The positive relationship between education and enrolment for those aged 50–69 underlines the findings of Ayitey, et al. [8] who showed that for adults in general, rising education increase NHIS enrolment. This again may be evidence of the inverse equity hypothesis, with the more educated most likely to benefit from new health interventions. Further analysis showed that less than 0.5% of GLSS survey participants were not aware of the NHIS, so the education variable is not simply a proxy for knowledge of the system. Further investigation needs to be undertaken to understand why there are these differences by education in enrolment.

Amongst those over the age of 70, those with a disability are less likely to be enrolled than their non-disabled counterparts. This may indicate that access to either services or the registration process is affecting enrolment amongst this group. Disability is defined as having limitations in full participation in life activities, which may cover a wide range of issues. However, it could be hypothesised that those with a disability would be more likely to enrol in the NHIS for the available benefits, especially for those where the premium is free. The indication that the reverse is true highlights the marginalisation of this group and may indicate that different approaches are needed to engage them within the NHIS.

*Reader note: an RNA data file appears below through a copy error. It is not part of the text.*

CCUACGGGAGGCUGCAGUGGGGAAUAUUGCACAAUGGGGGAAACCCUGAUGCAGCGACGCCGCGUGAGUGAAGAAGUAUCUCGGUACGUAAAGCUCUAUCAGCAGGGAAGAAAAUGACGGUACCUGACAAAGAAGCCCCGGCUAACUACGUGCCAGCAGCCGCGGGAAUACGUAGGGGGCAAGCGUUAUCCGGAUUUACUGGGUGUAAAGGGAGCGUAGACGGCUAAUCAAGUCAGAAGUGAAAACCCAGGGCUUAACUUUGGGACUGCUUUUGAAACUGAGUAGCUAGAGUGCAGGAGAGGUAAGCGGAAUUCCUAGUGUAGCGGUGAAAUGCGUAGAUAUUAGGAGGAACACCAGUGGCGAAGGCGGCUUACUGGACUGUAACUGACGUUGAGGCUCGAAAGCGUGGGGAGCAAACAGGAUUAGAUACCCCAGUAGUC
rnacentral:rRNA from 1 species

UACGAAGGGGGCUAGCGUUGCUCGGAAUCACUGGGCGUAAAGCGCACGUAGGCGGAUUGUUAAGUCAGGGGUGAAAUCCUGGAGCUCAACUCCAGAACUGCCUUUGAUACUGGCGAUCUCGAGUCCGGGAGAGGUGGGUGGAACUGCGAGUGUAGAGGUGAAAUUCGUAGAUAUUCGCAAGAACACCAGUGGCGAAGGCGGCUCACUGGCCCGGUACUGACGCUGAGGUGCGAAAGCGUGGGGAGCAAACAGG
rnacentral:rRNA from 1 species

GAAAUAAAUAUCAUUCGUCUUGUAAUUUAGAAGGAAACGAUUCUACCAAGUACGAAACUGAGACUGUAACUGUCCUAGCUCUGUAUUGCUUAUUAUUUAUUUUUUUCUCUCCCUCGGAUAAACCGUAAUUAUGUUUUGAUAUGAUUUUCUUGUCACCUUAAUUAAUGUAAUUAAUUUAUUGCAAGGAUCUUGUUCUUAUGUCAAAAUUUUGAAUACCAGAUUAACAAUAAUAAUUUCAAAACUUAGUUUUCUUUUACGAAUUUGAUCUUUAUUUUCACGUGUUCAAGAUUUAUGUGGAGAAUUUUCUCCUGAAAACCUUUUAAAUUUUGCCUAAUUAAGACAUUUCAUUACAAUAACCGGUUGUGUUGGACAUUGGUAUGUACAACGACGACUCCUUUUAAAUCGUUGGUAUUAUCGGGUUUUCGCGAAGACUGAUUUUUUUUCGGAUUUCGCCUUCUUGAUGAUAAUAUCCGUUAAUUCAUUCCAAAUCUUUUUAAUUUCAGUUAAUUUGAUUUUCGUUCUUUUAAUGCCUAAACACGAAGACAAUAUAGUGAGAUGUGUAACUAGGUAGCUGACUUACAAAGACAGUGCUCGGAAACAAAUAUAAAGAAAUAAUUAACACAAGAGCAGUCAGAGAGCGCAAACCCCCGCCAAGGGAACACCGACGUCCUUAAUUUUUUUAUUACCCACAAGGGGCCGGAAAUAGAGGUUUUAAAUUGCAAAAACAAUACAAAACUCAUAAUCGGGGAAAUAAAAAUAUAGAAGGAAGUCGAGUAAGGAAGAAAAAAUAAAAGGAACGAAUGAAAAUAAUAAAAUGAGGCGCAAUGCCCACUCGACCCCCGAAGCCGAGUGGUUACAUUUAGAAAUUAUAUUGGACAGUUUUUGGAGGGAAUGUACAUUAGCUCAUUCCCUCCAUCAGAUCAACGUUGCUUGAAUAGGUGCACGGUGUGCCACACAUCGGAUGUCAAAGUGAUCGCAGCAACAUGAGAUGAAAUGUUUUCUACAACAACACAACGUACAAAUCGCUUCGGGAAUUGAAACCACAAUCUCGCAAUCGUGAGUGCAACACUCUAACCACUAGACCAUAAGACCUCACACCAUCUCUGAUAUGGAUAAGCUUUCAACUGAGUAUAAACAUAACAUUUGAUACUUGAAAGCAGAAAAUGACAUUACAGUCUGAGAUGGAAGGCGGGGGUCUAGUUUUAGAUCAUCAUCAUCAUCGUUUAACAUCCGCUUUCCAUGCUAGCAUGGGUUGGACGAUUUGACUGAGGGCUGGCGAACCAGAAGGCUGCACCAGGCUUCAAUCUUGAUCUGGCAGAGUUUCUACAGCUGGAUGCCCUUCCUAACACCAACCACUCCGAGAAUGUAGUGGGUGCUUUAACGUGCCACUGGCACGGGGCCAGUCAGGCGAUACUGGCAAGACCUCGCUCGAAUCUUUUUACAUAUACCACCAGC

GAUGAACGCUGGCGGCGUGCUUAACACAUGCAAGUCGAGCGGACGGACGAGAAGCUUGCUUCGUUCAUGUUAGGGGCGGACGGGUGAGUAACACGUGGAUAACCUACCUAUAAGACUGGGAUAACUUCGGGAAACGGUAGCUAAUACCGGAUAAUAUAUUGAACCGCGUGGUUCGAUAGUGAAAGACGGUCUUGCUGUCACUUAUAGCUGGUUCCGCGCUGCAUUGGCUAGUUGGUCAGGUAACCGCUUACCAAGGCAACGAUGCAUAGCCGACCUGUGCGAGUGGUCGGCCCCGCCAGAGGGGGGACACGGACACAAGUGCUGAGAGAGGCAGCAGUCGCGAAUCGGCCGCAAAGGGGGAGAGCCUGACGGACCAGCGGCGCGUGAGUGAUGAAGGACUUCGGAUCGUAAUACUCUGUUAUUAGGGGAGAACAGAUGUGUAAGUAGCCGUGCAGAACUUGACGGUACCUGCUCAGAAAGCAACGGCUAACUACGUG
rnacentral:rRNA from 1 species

When looking at gender, the results show older females were more likely than males to be enrolled in the NHIS. These results of are in line with findings of Dixon, et al. [7] and Ayitey, et al. [8] who also found that females are more likely to enrol in the NHIS than males. This may be due to gender cultural roles. Dixon, et al. [37] argue that women in Ghana tend to take responsibility for the health and wellbeing of the family and thus are more likely to be aware of the benefits provided by health insurance coverage.

Limitations